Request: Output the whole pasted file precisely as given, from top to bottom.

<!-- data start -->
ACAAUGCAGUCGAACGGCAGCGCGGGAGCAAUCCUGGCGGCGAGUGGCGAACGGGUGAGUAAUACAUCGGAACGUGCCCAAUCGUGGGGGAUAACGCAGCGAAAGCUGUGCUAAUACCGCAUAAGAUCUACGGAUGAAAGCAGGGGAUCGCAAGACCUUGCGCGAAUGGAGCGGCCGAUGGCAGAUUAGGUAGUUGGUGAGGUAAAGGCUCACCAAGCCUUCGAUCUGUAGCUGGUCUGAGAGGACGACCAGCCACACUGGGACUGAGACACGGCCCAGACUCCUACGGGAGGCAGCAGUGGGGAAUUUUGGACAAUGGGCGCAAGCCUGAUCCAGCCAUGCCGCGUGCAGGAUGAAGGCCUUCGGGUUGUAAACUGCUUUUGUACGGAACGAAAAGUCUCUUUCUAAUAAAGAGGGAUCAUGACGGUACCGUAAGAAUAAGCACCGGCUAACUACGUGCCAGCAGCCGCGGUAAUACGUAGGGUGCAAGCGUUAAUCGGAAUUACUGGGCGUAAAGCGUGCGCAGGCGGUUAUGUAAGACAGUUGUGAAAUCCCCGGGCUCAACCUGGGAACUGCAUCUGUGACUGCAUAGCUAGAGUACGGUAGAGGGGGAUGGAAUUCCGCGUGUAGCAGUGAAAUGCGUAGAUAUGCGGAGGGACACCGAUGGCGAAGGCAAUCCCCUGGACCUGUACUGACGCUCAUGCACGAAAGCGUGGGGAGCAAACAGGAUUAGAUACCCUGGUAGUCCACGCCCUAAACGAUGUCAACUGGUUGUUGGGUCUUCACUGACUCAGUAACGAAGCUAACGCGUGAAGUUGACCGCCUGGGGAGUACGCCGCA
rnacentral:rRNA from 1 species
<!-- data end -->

ACAAUGCAGUCGAACGGCAGCGCGGGAGCAAUCCUGGCGGCGAGUGGCGAACGGGUGAGUAAUACAUCGGAACGUGCCCAAUCGUGGGGGAUAACGCAGCGAAAGCUGUGCUAAUACCGCAUAAGAUCUACGGAUGAAAGCAGGGGAUCGCAAGACCUUGCGCGAAUGGAGCGGCCGAUGGCAGAUUAGGUAGUUGGUGAGGUAAAGGCUCACCAAGCCUUCGAUCUGUAGCUGGUCUGAGAGGACGACCAGCCACACUGGGACUGAGACACGGCCCAGACUCCUACGGGAGGCAGCAGUGGGGAAUUUUGGACAAUGGGCGCAAGCCUGAUCCAGCCAUGCCGCGUGCAGGAUGAAGGCCUUCGGGUUGUAAACUGCUUUUGUACGGAACGAAAAGUCUCUUUCUAAUAAAGAGGGAUCAUGACGGUACCGUAAGAAUAAGCACCGGCUAACUACGUGCCAGCAGCCGCGGUAAUACGUAGGGUGCAAGCGUUAAUCGGAAUUACUGGGCGUAAAGCGUGCGCAGGCGGUUAUGUAAGACAGUUGUGAAAUCCCCGGGCUCAACCUGGGAACUGCAUCUGUGACUGCAUAGCUAGAGUACGGUAGAGGGGGAUGGAAUUCCGCGUGUAGCAGUGAAAUGCGUAGAUAUGCGGAGGGACACCGAUGGCGAAGGCAAUCCCCUGGACCUGUACUGACGCUCAUGCACGAAAGCGUGGGGAGCAAACAGGAUUAGAUACCCUGGUAGUCCACGCCCUAAACGAUGUCAACUGGUUGUUGGGUCUUCACUGACUCAGUAACGAAGCUAACGCGUGAAGUUGACCGCCUGGGGAGUACGCCGCA
rnacentral:rRNA from 1 species